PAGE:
When it comes to U.S. manufacturing jobs, Americans favor using both carrots and sticks, but far more support the punishment than the enticement.

In a new Washington Post-ABC News poll, nearly three quarters of the public supports changing tax policy to make it more expensive for businesses to move manufacturing jobs overseas. But the public offers less resounding support — 51 to 44 percent — to giving tax breaks to bring jobs back to the country.

Reviving manufacturing in the United States has been a popular campaign theme for both Democrats and Republicans. President Obama and the Republicans’ leading candidate, Mitt Romney, differ on the corporate tax system generally.

In his recent State of the Union Address, Obama said that, “if you’re a business that wants to outsource jobs, you shouldn’t get a tax deduction for doing it.” He suggested those taxes should be used to cover moving expenses for companies that bring jobs back to this country.

Romney’s platform calls for lowering the corporate tax rate overall to be more competitive with other countries and encourage companies to bring operations back to this country.

In the poll, seven in 10 or more Americans of all partisan stripes support increased taxes on businesses that outsource manufacturing jobs. But the divide is more pronounced for offering tax breaks, especially among proponents and opponents of the tea party political movement. By 55 to 40 percent, tea party supporters would like to see tax cuts for businesses returning manufacturing jobs. Tea party opponents divide 46 to 50 percent in opposition.

The most supportive of any demographic group are higher income individuals. By nearly 2 to 1, those with incomes above $75,000 support such tax breaks. Those with lower income divide about evenly.

Cutting capital gains tax not a slam dunk

In the abstract, public sentiment is unconvinced on whether to cut or raise the capital gains tax -- profits from interest income or the sale of stocks and bonds -- among other things. But with more information, the idea of increasing taxes on capital gains becomes more popular.

Without any description of the going rate, over half, 55 percent, say taxes on capital gains should be kept about the same. Just one in five say they should be increased, with 14 percent holding out for a tax cut in this area.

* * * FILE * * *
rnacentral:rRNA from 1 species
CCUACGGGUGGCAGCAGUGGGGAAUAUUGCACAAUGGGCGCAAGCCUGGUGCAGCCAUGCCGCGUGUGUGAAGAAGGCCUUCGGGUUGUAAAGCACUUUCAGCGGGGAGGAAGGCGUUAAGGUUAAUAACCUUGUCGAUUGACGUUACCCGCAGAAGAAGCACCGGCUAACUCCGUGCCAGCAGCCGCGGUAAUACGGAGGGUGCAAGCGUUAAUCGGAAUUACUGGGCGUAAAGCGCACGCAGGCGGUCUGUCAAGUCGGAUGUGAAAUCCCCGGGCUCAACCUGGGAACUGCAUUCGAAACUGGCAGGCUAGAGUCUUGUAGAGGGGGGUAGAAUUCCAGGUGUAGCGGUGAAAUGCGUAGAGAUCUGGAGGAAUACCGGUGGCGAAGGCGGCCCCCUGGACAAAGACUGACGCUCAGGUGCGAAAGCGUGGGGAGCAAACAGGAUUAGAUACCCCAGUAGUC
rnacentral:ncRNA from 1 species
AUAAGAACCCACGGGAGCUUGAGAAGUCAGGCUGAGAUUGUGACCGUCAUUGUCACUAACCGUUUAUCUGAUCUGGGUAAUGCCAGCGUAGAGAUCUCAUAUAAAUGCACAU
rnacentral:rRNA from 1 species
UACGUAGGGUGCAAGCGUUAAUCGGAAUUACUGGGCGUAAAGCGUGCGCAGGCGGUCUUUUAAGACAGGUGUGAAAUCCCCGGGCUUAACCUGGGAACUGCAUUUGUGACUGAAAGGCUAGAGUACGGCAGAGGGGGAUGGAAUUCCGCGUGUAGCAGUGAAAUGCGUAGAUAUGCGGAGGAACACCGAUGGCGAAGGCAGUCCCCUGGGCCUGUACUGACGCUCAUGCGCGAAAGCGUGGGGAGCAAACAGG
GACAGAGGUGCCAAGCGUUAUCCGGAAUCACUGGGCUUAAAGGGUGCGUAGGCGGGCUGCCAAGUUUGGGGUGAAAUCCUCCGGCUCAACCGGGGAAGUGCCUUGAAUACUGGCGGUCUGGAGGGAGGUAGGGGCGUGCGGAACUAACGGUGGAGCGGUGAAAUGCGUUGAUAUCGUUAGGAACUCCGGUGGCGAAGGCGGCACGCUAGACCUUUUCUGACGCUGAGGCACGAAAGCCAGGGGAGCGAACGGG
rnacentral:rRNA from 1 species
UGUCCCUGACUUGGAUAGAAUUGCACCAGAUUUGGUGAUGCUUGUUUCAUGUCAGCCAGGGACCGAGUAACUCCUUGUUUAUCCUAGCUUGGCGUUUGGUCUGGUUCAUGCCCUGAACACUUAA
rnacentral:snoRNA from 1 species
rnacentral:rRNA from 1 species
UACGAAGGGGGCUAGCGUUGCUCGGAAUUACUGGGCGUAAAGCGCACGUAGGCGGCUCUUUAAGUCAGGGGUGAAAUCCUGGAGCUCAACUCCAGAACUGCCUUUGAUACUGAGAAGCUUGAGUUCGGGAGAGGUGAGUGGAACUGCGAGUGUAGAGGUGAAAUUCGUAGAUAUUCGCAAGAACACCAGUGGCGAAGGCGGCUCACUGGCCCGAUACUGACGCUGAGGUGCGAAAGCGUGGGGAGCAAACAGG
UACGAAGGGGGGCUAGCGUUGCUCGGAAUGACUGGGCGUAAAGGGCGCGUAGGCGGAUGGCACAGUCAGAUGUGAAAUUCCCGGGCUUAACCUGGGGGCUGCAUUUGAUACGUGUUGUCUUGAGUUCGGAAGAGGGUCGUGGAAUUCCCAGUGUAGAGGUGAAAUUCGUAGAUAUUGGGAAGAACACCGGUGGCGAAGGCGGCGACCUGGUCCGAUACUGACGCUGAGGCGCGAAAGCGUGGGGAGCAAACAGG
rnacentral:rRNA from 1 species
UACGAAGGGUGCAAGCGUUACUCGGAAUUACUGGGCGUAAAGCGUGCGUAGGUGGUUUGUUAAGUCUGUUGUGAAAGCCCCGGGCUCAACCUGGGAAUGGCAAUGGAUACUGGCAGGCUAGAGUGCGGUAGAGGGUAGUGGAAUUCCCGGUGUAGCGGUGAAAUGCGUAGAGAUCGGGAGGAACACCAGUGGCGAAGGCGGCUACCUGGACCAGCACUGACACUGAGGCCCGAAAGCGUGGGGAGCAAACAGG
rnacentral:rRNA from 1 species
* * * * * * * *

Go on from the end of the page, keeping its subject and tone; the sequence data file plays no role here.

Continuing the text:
But opinions are not firmly held and subject to change based on new information. When informed that the current rate on capital gains are lower than most income tax rates, there is a 16 percentage point spike in the number who would like to increase that rate.

With that additional information, the public splits about evenly between increasing the rates and keeping them the same, 36 and 38 percent respectively. The shift toward increasing the capital gains tax when people are offered more information is fairly broad-based.

The capital gains tax is highlighted by Romney’s struggles to explain his own tax rate. When asked about his 2010 tax situation, when he paid a rate of about 14 percent on about 22 million dollars in income, two-thirds of the public thinks he hasn’t paid his fair share. Up to 50 percent feel strongly that he is not paying his fair share.

Romney qualifies for this relatively low tax rate because his income is mostly in the form of capital gains. Romney’s tax policy calls for eliminating taxes on interest and capital gains for people who earn less than $200,000 a year.

Last fall, Obama proposed a “Buffett Rule” to reform the tax code, named in recognition of the notion that billionaire Warren Buffett’s secretary pays a lower effective tax rate than her employer. The proposal would raise taxes on millionaires so they would pay a similar tax rate on interest income as on income from wages.

Democrats are among the most likely to want an increase in that tax rate, going from about a third initially to about half with the added information. Republicans and independents are also convinced to increase the tax, but less so than Democrats; 21 percent for Republicans and 34 percent for independents overall.

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